Staunton, Mar. 22 – Reports earlier this year that the Russian government had stopped making payments to cemetery officials in Paris and that some of the graves of the most prominent Russian emigres from a century ago at Saint Genevieve des Bois were at risk alarmed supporters of the numerous emigres from the Caucasus who are also buried there.
The Russian Imperial House announced not that it would provide funds to correct the situation but rather would work with French and Russian officials in the hopes that something could be done (windowoneurasia2.blogspot.com/2023/01/russian-imperial-house-seeks-to-save.html).
But that effort appeared to be about ethnic Russian tombs rather than the tombs of all those who fled when the Russian Empire collapsed in 1917. Now, a survey of the situation by the Kavkaz-Uzel news agency reports that the family and friends of Georgian, Armenian, and other Caucasian emigres have nothing to worry about (kavkaz-uzel.eu/articles/387016/).
That is because the families and supporters of these non-Russian emigres have taken responsibility all along for paying the needed maintenance fees and so there is no problem for them even though there are still concerns that the Russian graves may face problems if not immediately than in the future.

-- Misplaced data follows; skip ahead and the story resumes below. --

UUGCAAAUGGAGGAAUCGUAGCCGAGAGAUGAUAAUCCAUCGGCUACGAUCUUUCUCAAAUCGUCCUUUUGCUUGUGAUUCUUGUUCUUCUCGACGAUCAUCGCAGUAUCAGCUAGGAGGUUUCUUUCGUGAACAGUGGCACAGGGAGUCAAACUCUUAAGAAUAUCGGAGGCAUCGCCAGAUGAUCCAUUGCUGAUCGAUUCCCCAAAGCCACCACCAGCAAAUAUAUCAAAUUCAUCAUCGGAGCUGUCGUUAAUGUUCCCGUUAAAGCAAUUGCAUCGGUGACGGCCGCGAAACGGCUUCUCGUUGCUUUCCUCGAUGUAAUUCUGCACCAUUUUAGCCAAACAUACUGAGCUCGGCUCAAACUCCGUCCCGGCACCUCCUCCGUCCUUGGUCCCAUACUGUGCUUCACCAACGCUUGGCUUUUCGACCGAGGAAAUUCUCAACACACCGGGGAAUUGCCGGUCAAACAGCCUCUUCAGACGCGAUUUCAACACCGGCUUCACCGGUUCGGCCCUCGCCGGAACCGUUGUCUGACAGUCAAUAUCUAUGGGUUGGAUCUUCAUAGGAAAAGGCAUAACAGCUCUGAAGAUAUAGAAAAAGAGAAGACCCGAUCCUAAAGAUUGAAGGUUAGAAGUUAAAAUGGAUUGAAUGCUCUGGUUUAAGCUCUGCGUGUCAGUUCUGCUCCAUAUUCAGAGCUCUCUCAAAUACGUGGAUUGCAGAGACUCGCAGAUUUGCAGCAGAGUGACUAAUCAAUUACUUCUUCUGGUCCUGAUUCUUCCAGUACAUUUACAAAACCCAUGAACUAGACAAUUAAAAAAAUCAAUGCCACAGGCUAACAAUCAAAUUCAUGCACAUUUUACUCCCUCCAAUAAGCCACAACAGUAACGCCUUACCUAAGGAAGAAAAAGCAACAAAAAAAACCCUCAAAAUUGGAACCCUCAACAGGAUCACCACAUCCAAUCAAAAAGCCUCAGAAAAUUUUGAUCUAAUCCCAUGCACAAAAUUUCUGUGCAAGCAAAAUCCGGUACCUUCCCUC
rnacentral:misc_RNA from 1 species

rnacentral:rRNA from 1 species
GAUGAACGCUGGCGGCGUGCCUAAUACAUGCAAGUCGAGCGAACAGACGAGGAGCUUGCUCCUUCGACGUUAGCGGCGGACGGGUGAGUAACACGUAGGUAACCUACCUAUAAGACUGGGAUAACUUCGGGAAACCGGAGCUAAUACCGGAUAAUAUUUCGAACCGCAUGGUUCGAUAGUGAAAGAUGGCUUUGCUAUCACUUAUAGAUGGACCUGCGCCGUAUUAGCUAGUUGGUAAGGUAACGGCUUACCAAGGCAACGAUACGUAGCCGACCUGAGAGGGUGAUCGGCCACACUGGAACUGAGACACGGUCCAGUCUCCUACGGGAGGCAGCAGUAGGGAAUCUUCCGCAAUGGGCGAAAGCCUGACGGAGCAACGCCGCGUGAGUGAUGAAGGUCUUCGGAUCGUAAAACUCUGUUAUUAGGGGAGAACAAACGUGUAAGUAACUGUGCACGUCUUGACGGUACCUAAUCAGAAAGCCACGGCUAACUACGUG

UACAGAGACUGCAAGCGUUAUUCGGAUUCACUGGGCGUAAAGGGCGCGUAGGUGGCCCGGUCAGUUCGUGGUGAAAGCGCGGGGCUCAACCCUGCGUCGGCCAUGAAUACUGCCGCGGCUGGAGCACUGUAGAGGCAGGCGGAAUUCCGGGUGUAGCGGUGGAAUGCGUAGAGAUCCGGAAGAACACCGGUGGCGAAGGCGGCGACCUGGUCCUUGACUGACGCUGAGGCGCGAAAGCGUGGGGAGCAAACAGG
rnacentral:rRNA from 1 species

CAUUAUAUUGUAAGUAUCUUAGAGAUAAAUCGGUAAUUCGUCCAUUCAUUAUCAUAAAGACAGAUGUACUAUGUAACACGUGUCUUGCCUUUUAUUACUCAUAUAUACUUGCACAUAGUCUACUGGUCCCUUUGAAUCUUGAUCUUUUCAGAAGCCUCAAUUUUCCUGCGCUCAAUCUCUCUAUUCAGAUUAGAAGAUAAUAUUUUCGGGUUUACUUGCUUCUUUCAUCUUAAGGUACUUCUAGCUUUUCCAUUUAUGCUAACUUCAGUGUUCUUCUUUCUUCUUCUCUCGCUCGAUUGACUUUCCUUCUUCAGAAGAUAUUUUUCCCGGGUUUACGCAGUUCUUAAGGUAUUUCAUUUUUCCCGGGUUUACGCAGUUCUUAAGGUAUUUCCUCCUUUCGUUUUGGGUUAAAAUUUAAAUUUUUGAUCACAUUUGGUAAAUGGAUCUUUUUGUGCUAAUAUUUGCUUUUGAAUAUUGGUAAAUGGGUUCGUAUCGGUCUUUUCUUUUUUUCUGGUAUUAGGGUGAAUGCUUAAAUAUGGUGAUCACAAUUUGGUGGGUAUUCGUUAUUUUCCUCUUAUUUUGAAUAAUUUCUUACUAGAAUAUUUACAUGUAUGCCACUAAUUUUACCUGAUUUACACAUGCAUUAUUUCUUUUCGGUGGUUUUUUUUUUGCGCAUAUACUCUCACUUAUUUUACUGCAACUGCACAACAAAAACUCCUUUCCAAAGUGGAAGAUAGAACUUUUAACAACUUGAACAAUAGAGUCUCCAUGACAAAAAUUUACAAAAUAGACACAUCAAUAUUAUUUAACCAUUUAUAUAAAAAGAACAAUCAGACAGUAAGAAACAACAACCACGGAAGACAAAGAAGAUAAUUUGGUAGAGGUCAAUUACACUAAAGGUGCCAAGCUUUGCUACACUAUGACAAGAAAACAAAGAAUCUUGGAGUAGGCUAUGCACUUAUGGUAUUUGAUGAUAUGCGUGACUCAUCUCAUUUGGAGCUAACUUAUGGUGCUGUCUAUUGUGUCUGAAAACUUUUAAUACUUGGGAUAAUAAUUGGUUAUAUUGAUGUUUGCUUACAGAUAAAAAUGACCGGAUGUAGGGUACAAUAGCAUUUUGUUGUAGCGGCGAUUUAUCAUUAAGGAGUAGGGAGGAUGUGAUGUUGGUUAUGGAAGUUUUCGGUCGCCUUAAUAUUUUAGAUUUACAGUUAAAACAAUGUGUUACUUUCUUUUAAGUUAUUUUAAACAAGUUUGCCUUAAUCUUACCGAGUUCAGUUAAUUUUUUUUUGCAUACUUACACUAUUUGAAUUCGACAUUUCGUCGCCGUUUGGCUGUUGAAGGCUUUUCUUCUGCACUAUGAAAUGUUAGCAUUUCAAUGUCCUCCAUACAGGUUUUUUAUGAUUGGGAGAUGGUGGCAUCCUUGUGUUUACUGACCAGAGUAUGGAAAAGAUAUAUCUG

This story is worth reporting not only because of the human concerns it highlights but also because it throws into high relief the different approaches of the nations involved. The Russians even in emigration looked to the state to solve the problem, while the non-Russians looked in the first instance to themselves.
That difference is on display in many cases, but nowhere is it clearer than in this one where the state-centric nature of Russian identity has so clearly overwhelmed any sense of collective national identity – even when it involves something as intimately human as taking care of the graves of revered ancestors.